Access Control & Security Specialists

Why upgrade to OSDP?

Enhanced security for access control


Why upgrade to OSDP?

OSDP (Open Supervised Device Protocol) was developed by the Security Industry Association and has now been adopted as a standard by many manufacturers in the access control industry. OSDP was developed to improve interoperability and functionality, enhance security, and address issues encountered by other legacy systems.

The OSDP standard offers the following advantages over common legacy protocols:

Enhanced security

Prevent ‘man-in-the-middle’ attacks with AES-128 encryption that continuously monitors wiring, ensuring that the system is protected against threats. Predefined encryption and authentication processes mean that the guesswork is removed, removing labor costs significantly.

Bi-directional communication

OSDP offers two-way communication between the reader and the controller. As a result, a controller will be able to transmit the information as well as receive it, improving operational efficiency. OSDP also enables remote configuration and management of readers.


Being an open standard, OSDP provides freedom to users by allowing them to choose different manufacturers for different elements of their security solution and, in turn, future-proofing their systems.


By using audio and visual feedback and configurable display text alerts, OSDP can provide cardholders with a more intuitive and user-centric experience.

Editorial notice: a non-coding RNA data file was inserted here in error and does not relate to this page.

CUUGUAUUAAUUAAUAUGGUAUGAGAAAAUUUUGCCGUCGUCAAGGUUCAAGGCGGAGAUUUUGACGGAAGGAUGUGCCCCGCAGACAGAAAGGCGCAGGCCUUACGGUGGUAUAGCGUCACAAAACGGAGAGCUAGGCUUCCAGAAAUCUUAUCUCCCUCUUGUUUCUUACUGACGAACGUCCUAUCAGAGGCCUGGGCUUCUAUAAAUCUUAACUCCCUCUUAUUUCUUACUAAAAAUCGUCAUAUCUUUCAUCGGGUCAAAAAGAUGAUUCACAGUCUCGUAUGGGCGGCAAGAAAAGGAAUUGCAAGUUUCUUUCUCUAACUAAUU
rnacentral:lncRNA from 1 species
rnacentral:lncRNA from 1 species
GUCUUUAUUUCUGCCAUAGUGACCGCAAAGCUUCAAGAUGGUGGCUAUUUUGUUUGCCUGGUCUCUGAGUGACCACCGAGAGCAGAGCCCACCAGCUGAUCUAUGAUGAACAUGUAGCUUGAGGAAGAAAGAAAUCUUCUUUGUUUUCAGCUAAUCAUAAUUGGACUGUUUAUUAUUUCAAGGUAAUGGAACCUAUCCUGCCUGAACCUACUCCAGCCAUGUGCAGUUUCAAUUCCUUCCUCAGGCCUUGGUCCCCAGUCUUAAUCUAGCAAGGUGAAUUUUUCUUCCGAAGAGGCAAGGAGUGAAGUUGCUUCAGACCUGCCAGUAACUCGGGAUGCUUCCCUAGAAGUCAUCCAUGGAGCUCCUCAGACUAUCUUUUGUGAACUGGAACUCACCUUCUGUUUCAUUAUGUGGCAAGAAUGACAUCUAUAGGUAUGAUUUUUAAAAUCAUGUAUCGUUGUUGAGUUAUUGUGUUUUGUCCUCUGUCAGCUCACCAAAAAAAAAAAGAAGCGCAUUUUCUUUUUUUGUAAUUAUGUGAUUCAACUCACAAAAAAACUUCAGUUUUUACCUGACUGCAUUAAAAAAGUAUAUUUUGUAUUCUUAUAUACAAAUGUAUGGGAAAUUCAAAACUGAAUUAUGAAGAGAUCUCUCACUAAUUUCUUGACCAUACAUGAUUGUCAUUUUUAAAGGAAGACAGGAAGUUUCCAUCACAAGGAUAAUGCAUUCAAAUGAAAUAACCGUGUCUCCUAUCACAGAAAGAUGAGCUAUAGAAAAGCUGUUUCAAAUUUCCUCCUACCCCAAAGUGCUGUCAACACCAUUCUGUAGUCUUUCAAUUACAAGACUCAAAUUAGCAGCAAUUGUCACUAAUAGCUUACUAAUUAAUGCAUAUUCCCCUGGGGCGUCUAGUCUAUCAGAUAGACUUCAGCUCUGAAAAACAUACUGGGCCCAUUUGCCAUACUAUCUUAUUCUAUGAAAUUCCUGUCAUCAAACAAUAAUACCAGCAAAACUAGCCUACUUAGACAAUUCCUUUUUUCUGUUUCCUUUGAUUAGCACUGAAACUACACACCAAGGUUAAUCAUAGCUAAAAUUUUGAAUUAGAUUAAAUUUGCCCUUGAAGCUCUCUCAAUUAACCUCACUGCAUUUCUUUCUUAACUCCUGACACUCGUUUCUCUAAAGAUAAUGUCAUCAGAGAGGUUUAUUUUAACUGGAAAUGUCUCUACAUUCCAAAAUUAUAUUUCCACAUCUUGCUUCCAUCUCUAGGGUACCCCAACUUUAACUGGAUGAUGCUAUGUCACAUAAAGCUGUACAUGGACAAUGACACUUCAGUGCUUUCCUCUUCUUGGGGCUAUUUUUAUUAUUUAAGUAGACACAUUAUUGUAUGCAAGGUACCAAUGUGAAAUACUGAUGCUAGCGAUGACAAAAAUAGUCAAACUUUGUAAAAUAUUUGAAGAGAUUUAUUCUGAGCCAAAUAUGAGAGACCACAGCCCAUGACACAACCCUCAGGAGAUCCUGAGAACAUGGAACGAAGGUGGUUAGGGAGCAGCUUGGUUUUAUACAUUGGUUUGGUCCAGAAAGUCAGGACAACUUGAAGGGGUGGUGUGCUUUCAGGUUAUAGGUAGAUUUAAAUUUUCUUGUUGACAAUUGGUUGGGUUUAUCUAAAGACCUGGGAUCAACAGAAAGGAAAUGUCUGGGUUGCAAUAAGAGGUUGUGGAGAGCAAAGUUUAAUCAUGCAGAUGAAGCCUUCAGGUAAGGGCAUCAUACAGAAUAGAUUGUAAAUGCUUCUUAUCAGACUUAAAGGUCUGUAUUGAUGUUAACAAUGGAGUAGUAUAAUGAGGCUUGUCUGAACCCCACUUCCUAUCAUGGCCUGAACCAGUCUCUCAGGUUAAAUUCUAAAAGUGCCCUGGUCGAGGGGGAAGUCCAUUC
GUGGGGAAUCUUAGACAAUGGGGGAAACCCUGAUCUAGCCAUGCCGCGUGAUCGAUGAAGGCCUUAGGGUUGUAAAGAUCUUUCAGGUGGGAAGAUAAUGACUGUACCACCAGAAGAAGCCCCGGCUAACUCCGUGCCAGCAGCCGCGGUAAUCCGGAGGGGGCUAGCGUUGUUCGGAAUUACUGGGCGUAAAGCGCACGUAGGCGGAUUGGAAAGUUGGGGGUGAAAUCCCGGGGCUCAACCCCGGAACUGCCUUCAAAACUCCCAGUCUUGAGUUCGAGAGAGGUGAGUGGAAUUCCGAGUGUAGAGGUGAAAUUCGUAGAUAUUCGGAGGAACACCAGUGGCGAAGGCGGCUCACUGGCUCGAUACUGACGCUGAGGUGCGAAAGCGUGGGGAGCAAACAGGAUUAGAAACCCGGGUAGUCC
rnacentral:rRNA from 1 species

Other Advantages

  • Reader to panel cables can run close to 4,000 feet compared to Wiegand’s maximum of 500 feet.
  • The OSDP uses 2 wires instead of 12+, which facilitates multi-drop installation, supervised connections to alert of reader errors, and scalability for a larger number of field devices.
  • OSDP complies with all federal access control requirements and is therefore recommended for use by government or other high-security environments.

How to Evaluate an Access Control Partner

We understand that choosing and integrating an automated security system takes time and has a significant upfront cost. While most access control systems pay for themselves in a few years, it's important to keep a few questions in mind when choosing a partner.

Are they reliable?

How long has the access control company been in business? Will they be around to support and maintain your installation in 10 years?

Who do they answer to?

Is the company's primary motive to increase corporate earnings and shareholder value? Or are they in business to serve their customers needs?

Can the solution scale?

Do the hardware and software have the capacity to scale as your business grows? Can it adapt to the changing needs of your business?

Can you add features?

Will the security system integrate with products like video surveillance, wireless locks, elevator control, or the next security innovation?

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